The Server app, when run on OS X Yosemite, comes with a few new alerting options previously unavailable in versions of OS X. The alerts are sent to administrators via servermgrd and configured in the Server app (Server 3.5). To configure alerts in Yosemite Server, open the Server app and then click on Alerts in the Server app sidebar. Next, click on the Delivery tab.


At the Delivery screen, click on the Edit button for Email Addresses and enter every email address that should receive alerts sent from the server. Then click on the Edit button for Push Notifications. Here, check the box for each administrator of the server. The email address on file for the user then receives push notifications of events from the server.

Click on OK when you’ve configured all of the appropriate administrators for alerting. Click on the Edit… button for Push and if Push notifications are not already enabled you will run through the Push Notification configuration wizard.
Then, check the boxes for Email and Push for each of the alerts you want to receive (you don’t have to check both for each entry). Alerts have changed in OS X Server, they are no longer based on the SMART status of drives or capacity; instead Delivery is now based on service settings.

Finally, as with previous versions of OS X Server, Mavericks Server has snmp built in. The configuration file for which is located in the /private/etc/snmp/snmpd.conf and the built-in LaunchDaemon is org.net-snmp.snmpd, where the actual binary being called is /usr/sbin/snmpd (and by default it’s called with a -f option). Once started, the default community name should be COMMUNITY (easily changed in the conf file) and to test, use the following command from a client (the client is in the following example):

snmpwalk -On -v 1 -c COMMUNITY

Mac OS X Mac OS X Server Mac Security

Use The FTP Server In OS X Yosemite Server

Yosemite Sam Server (Server 3.5 running on OS X Yosemite) sees little change with the FTP Service. Instead of sharing out each directory the new incantation of the FTP service allows administrators to share a single directory out. This directory can be any share that has previously been configured in the File Sharing service or a website configured in the Websites service.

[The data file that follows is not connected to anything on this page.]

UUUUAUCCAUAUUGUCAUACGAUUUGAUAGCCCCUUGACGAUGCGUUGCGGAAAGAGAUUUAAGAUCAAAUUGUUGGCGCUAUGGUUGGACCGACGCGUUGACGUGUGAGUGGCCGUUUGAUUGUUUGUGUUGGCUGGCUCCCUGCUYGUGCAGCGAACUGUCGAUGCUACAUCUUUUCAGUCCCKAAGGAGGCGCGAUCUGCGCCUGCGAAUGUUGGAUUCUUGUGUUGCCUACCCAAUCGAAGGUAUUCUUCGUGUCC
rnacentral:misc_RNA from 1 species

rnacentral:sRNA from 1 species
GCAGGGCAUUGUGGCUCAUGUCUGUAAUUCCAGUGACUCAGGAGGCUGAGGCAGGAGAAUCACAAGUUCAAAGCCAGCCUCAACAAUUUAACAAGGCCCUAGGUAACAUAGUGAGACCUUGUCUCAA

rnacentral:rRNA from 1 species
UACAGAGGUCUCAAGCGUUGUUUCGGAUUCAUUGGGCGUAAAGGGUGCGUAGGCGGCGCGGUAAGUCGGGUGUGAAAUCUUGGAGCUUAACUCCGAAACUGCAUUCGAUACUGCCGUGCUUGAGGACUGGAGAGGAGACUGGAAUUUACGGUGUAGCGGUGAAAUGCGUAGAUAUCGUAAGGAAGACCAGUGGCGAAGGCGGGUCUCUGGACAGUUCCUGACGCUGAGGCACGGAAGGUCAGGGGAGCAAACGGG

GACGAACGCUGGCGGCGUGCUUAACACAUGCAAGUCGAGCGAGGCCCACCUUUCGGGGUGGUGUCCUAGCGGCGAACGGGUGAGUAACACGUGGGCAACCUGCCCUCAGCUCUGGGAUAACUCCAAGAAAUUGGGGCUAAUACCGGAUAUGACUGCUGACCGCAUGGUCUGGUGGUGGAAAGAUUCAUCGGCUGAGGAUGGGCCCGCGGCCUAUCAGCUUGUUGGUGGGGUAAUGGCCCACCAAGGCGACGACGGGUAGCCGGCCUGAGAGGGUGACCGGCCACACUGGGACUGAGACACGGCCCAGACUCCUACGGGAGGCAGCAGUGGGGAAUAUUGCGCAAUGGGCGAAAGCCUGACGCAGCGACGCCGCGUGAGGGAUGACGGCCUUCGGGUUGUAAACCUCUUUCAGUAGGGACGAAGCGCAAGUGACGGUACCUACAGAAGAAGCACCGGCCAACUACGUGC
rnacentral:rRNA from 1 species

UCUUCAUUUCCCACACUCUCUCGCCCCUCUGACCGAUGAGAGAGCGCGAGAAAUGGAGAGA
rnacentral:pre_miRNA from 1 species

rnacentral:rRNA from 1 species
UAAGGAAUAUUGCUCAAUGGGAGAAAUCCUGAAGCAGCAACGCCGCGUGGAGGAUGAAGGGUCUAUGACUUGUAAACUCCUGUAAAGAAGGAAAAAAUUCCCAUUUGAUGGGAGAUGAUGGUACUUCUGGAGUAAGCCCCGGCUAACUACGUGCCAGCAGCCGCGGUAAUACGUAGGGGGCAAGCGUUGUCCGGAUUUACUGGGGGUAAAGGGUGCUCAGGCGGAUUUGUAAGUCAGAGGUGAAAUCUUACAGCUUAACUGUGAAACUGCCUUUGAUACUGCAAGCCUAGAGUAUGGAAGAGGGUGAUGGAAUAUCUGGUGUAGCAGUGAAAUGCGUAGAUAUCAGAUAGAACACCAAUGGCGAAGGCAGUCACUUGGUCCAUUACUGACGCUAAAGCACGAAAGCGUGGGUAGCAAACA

To setup FTP, first open the Server app and then click on the FTP service.


Once open, use the Share: drop-down list to select a share that already exists (output of sharing -l basically) and click on one of the shares or Custom to create a new share for FTP. Then, set the permissions as appropriate on the share and hit the ON button for the FTP service.

Now, let’s test from a client. I like to use the ftp command line interface built into OS X. To test, type ftp followed by the address of the site (and I like to put the username followed by @ before the hostname, as follows:

ftp robin@mavserver.krypted.lan

When prompted, provide a password. Then, assuming your get the following, you’re in:

230 User robin logged in.
Remote system type is UNIX
Using binary mode to transfer files.

Here, type ls to see a list of the directories contents. Or pwd to see what directory you are in (relative to the root of the ftp share). And of course, type get followed by the name of a file to transfer it locally:

get myfile.txt

Open a terminal window on the server and let’s look at the few options you have to configure FTP from the command line. We already discussed sharing -l to see a list of the available shares. Additionally, you can use the serveradmin command, where ftp is the name of the service. Let’s look at the status of the service, first:

sudo serveradmin fullstatus ftp

Now let’s look at status:

sudo serveradmin status ftp

Same thing, right? Let’s look at all the settings:

sudo serveradmin settings ftp

If you have spaces in the name of a share that you configure from the Server app the thing will fail. Good stuff, so use serveradmin to manually set shares with spaces or other special characters in the names:

sudo serveradmin settings ftp:DocumentRoot = “/Shared Items/Krypted”